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Making the gender mix work in Project Delivery

Posted by: , Posted on: - Categories: Diversity & Inclusion, Project Delivery Profession

On International Women’s Day 2020 we’re celebrating the achievements of women throughout the Civil Service. They play an integral part in our aspiration to become the best performing project delivery profession in the world.

Research shows balanced teams are more productive and they are the foundation on which effective project delivery is built. 

We currently have around 14,000 people working on some of the largest, innovative and most complex projects in the world. These project roles range from climate change projects to building new hospitals or schools and equipping our armed forces. 

The variety and significance of project delivery roles is unparalleled. And yet, this isn’t matched by the make-up of people delivering projects. 

Our people are the most important asset we have and, as the 2017 Civil Service Diversity and Inclusion Strategy states, ‘when people from diverse backgrounds are involved in creating the public services we all rely on, we get better services that work for everyone’. That is why we need to do more to ensure diversity throughout the project delivery profession. 

When we look at our Profession we have some great pockets of diversity in our workforce across the Civil Service. For example, there is a balanced mix of entrants to our Fast Stream, with equal representation of men and women. 

This decreases with seniority. There are too few women in our most senior project roles of Senior Responsible Owners (SRO) and Project Directors (PD). In recent years, as stated by the Association of Project Management, of the 243 SROs approximately 60 of these were women and 183 men

So as the Head of the Function I have also taken on the role of Gender Champion for the Project Delivery Profession to help ensure our vision for a truly representative Profession becomes a reality.

A challenge for all 

For a long time, gender initiatives have revolved around ‘fixing the women’ to better fit in with the existing culture in the workplace. Women are not the problem, workplace cultures are. 

I believe in order for real change to happen we must collaborate and understand that we all individually own the change we want to see. Men and women need to work together to transform workplace culture barriers and build networks of support.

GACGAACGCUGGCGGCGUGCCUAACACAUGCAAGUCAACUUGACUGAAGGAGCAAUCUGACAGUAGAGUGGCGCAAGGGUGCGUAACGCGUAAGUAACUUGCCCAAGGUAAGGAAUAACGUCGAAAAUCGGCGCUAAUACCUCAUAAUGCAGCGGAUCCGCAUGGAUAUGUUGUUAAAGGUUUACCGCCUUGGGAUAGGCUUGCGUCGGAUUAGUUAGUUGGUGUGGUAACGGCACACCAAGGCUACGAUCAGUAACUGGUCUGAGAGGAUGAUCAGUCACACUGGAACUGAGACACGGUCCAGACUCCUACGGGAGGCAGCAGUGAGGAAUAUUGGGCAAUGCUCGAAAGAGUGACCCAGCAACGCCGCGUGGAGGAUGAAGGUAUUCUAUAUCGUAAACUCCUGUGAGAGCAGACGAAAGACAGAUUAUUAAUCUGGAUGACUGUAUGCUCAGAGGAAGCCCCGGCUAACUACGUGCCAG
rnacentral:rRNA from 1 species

There are some things that we can all do together to ensure both genders are equally involved. The toolkit found in Collaborating with men has ideas on how to improve diversity in the office. 

For example, when recruiting recognise that women are often reticent about applying for a promotion unless they meet almost all of the advertised criteria and are encouraged to do so. 

You can also watch the below vlog from Karina Singh, Head of Diversity and Inclusion Working Group and Head of Profession Land Registry, for more ideas. Karina reflects on her experiences of when others in her network have helped her and tips of what we can do to help others progress their career in Project Delivery. 

Senior leaders making a difference

A further crucial area, which I believe can have a deep impact is sponsorship. 

Sponsorship is when those at SCS level advocate for the advancement of talented and ambitious women, and other underrepresented groups, in their organisations to support them in securing opportunities to achieve leadership positions. 

Importantly sponsorship should be undertaken by both men and women. Given a larger proportion of our leaders are men we need to make sure that women and men in the SCS work together to do this. 

There are great examples of this starting to work across departments. Whilst some are further ahead than others, because they have been working on this for longer, emerging evidence demonstrates that sponsorship makes even more of a difference to people’s careers than mentoring alone

You will be hearing more about sponsorship and how it is working across the Project Delivery Profession later this year. 


It is our ultimate ambition to have gender parity at all levels in the profession and this will only happen if we all consciously make a change.  

As the profession at the heart of delivery it’s crucial we take action to achieve this because a project can’t be delivered by just one person. We need to build strong, flexible, professional and capable teams. 

Action needs to be targeted most importantly at workplace cultures, which are much harder to sustain but necessary for any change to work. 

So I would encourage you to think about the changes you can make in your daily life to engage with this challenge. 

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